Product development executives across the food industry widely recognize the potential for hazelnuts as a trending ingredient in packaged goods – especially among Millennials – according to a new study.
The spring 2019 survey of 25 food industry decision-makers, found a large majority (87%) had a "positive" opinion of hazelnuts. In addition, 40% said they were using more hazelnuts in their product than a few years ago. The in-depth interviews were commissioned by Northwest Hazelnut Company and conducted by Illuminate, an independent research firm with decades of experience tracking food and beverage industry attitudes. Most of the interviewed executives reported increased demand for hazelnuts over the last two to three years. The pace may quicken yet, as 60% of those polled projected increased demand extending over the next five to 10 years.
U.S. food makers are in a race to innovate in an underdeveloped U.S. market for hazelnut products. For inspiration, many look to hazelnut products in Europe, where generations of consumers have embraced the flavor, responding to food industry innovations, some becoming global sensations. American consumers show every indication of following in their footsteps, according to a recent study of American consumers that yielded a long list of product development insights. The findings can help interested companies shorten their product development timelines, while improving their odds of a marketplace hit.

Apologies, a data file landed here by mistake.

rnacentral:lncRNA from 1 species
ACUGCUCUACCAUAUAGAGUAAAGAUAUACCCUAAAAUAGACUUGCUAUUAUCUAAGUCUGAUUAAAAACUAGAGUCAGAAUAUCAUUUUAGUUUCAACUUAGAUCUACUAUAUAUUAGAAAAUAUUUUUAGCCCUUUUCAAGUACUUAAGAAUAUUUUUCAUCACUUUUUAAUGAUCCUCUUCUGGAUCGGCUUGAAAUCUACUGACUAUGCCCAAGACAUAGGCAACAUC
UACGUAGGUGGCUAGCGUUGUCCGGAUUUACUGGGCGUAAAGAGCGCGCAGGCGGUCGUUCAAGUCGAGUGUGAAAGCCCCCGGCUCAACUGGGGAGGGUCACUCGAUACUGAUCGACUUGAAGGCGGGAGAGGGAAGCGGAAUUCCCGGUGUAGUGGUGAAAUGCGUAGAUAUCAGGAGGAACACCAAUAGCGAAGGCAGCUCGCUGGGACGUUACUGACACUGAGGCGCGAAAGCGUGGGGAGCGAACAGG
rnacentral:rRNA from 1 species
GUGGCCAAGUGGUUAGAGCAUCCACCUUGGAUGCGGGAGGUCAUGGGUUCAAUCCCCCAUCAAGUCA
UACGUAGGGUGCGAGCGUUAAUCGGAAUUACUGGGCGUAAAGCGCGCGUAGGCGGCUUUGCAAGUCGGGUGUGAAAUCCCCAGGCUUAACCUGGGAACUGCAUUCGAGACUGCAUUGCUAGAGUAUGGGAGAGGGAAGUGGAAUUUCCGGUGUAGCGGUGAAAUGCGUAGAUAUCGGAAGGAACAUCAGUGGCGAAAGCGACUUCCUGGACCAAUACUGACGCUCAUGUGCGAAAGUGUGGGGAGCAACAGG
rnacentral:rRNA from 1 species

Consumers surveyed were eager to try hazelnuts in many applications, but named as their top seven: mixed nuts or trail nuts, baked goods (cookies, muffins or bread), chocolate bars or candy, fruit and nut bars, salad dressings and granolas or cereals. Their favorite flavor combinations? Chocolate, caramel, coffee, vanilla, sea salt, and coconut – in that order. Combinations of these favorites might be especially potent and differentiating.
Many food makers are starting to work with hazelnut ingredients for the first time. They will find an increasingly well-developed and stable supply chain, with domestic processors now marketing up to 14 varieties in eight ingredient forms, from whole kernels to fine meal and paste – roasted or unroasted.
Ingredient samples are available for product development purposes from Oregon suppliers, who can also consult on specifications, sourcing options and recommended applications.
Suppliers are gearing up to meet a projected boom in domestic production since acreage has doubled in the past five years. At the current pace of expansion, Oregon hazelnut orchards will nearly triple in size to 80,000 acres in mature production by 2024.